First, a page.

Sensitivity Analysis for Linear Structural Equation Models, Longitudinal Mediation With Latent Growth Models and Blended Learning in Biostatistics Education
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CitationSullivan, Adam J. 2015. Sensitivity Analysis for Linear Structural Equation Models, Longitudinal Mediation With Latent Growth Models and Blended Learning in Biostatistics Education. Doctoral dissertation, Harvard University, Graduate School of Arts & Sciences.
AbstractIn chapter 1, we consider the biases that may arise when an unmeasured confounder is omitted from a structural equation model (SEM) and sensitivity analysis techniques to correct for such biases. We give an analysis of which effects in an SEM are and are not biased by an unmeasured confounder. It is shown that a single unmeasured confounder will bias not just one but numerous effects in an SEM. We present sensitivity analysis techniques to correct for biases in total, direct, and indirect effects when using SEM analyses, and illustrate these techniques with a study of aging and cognitive function.
In chapter 2, we consider longitudinal mediation with latent growth curves. We define the direct and indirect effects using counterfactuals and consider the assumptions needed for identifiability of those effects. We develop models with a binary treatment/exposure followed by a model where treatment/exposure changes with time allowing for treatment/exposure-mediator interaction. We thus formalize mediation analysis with latent growth curve models using counterfactuals, makes clear the assumptions and extends these methods to allow for exposure mediator interactions. We present and illustrate the techniques with a study on Multiple Sclerosis(MS) and depression.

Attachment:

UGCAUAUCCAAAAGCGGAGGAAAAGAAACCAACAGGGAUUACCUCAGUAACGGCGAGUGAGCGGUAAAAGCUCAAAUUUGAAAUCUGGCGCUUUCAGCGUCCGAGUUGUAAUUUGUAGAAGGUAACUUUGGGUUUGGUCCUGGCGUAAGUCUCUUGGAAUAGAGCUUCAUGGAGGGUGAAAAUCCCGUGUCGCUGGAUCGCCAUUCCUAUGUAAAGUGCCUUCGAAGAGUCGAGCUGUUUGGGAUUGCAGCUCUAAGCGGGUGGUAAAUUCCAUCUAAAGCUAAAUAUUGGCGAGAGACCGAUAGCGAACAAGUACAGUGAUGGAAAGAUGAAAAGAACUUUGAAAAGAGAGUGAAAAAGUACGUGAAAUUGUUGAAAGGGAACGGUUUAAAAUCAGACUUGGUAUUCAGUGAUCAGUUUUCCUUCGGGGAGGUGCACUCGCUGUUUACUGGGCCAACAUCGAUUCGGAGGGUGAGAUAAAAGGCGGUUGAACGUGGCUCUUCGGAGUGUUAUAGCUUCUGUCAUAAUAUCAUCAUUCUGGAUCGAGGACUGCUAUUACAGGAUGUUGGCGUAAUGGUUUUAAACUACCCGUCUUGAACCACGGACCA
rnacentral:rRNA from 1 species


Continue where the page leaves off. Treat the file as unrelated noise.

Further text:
In chapter 3, we report on a pilot study in blended learning that took place during the Fall 2013 and Summer 2014 semesters here at Harvard. We blended the traditional BIO 200: Principles of Biostatistics and created ID 200: Principles of Biostatistics and epidemiology. We used materials from the edX course PH207x: Health in Numbers: Quantitative Methods in Clinical \& Public Health Research and used. These materials were used as a video textbook in which students would watch a given number of these videos prior to class. Using surveys as well as exam data we informally assess these blended classes from the student's perspective as well as a comparison of these students with students in another course, BIO 201: Introduction to Statistical Methods in Fall 2013 as well as students from BIO 200 in Fall semesters of 1992 and 1993. We then suggest improvements upon our original course designs and follow up with an informal look at how these implemented changes affected the second offering of the newly blended ID 200 in Summer 2014.
Citable link to this pagehttp://nrs.harvard.edu/urn-3:HUL.InstRepos:17467398
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